For job seekers who are hoping to work remotely or relocate, video has become a reality of the interview process. Like phone interviews, video interviews can be daunting, but we know how to take advantage of its challenges.
Look the Part
Just like an in-person interview, you have to dress appropriately for the job you want. Unlike in a phone interview, the recruiter will be able to see whether or not you appear professional and are paying attention. Sit up straight and look directly into the camera. Making eye contact during a video interview is just as important as if you were interviewing in person. If your hair is long, make sure it’s not obstructing your face, and try to angle your camera in such a way that if you wear glasses, there’s not glare in your frames. Lastly, play with angles and lighting so that interviewers will see you in your best light!
Neutralize Your Setting
It is extremely important that you conduct your video interview in a neutral, quiet setting with strong, reliable WiFi. You don’t want to be interrupted by easily fixable technological malfunctions. Not only is it a pain for your interviewer, but it can distract him or her from the important points you are trying to communicate. A quick test run before the interview starts can help you to avoid any technical issues. However, you can’t always guarantee that nothing will go wrong. If something does happen, it is important to address the situation right away. It will be more impressive to your interviewer if you take care of the problem immediately than hoping the problem will fix itself because it shows you care about what they have to say and are willing to take initiative.
If you are conducting your interview from home, choose a neutral background. You don’t want your potential employer noticing your dirty dishes or unmade bed instead of your strengths as a candidate. And if at all possible, find a time to conduct your interview when your roommates or family members are absent. If this doesn’t work, then ask them to be quiet for the duration of the interview and avoid the area where you are set up.
If you don’t have WiFi at home, try to find a place, like a coffee shop or library, that will be quiet enough for you and your interviewer to hear one another. Let your interviewer know up front if you’re in such a setting, so they are prepared for the possibility of distracting noise.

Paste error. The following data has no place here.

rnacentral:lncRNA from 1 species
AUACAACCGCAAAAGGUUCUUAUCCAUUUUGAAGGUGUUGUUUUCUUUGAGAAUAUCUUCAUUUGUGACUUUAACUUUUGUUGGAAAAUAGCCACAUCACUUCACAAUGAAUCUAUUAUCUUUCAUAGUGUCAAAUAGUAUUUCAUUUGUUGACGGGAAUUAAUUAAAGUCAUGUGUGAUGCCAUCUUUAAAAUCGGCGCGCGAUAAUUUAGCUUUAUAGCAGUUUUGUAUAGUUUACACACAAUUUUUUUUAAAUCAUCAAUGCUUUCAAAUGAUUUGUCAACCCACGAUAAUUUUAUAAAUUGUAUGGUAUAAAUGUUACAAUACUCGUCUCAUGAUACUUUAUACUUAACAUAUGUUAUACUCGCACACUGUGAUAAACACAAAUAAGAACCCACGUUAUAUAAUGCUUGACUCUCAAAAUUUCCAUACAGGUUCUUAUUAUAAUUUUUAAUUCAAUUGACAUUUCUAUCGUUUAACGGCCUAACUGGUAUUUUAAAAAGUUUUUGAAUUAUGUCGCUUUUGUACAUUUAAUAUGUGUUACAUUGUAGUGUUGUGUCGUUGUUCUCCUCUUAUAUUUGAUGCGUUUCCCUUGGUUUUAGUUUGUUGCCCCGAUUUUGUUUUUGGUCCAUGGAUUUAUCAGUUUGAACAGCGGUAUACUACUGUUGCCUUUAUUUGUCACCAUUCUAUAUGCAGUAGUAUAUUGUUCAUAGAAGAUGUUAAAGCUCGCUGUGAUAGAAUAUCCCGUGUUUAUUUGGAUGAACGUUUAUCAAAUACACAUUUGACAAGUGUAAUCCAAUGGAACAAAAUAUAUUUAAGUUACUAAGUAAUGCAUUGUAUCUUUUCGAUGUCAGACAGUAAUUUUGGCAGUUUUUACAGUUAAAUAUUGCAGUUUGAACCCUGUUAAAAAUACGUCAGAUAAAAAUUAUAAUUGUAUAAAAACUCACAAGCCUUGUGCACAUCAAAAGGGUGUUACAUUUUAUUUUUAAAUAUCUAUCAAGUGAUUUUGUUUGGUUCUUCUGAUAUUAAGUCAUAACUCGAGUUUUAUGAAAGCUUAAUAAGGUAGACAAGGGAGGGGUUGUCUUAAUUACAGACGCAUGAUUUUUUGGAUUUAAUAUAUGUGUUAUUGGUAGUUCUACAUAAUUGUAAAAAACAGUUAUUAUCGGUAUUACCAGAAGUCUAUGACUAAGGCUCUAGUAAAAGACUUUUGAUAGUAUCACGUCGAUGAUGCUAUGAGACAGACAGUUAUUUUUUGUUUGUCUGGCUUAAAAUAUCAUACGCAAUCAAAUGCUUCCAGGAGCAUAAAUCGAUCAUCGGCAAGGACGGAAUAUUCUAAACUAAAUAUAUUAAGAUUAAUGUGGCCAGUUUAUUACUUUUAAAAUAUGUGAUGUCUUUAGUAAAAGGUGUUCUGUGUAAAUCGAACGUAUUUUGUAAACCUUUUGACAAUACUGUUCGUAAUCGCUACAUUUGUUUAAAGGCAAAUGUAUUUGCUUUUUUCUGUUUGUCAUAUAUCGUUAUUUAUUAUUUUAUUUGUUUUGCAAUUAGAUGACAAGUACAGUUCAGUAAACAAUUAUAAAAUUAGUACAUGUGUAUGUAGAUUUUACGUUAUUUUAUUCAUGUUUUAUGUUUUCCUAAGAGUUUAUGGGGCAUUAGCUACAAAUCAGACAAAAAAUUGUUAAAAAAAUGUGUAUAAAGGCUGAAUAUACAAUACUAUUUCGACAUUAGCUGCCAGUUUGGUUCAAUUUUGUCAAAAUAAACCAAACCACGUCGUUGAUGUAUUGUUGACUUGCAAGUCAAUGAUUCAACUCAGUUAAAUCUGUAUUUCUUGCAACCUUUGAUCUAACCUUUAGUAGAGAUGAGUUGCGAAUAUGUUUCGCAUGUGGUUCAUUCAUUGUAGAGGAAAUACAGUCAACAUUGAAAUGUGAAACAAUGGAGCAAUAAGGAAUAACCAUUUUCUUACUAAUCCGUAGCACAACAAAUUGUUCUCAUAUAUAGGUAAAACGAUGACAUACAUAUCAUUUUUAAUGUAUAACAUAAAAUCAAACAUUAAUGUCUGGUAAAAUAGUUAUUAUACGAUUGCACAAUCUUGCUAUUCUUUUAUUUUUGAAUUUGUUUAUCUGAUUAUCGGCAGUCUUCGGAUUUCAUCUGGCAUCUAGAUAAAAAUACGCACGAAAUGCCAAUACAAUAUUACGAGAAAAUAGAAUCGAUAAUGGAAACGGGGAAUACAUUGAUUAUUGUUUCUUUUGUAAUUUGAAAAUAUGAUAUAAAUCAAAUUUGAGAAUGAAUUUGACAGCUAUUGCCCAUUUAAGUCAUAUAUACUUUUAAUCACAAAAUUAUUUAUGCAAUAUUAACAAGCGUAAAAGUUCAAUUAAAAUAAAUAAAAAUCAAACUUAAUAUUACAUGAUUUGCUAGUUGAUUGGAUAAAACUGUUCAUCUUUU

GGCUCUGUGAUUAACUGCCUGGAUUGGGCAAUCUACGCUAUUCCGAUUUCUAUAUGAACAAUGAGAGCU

Practice Makes Perfect
Ask a friend or family member to do a video interview test-run. You will be able to get a sense of how you will appear and sound. You might find that you need to adjust your seating so you are closer to your computer’s microphone, or you may learn that you need to use a headset and microphone. A test-run will not only allow you to take care of any technical glitches that might arise in advance, but it is also a great opportunity to practice answering generic interview questions or make sure your camera is adjusted at a flattering angle.
Update Your Username
If you are creating a video account for the first time, whether via Skype or Google Hangouts, make sure to choose a professional username (preferably your first and last name or a combination of the two), and use a corresponding professional email address. If you have previously used such an account in more casual settings, you may have a goofy username that might not be appropriate for a work environment. This is easily changeable in your settings and could make a huge difference in your interviewer’s initial perception of you.
If you’re looking for more tips on the interview process, check out our regularly updated blog. Staffers can help you find the job that’s right for you. We specialize in office clerical positions and serve the Jackson Metro Area. Contact Staffers today if you are interested in applying with us. We look forward to hearing from you!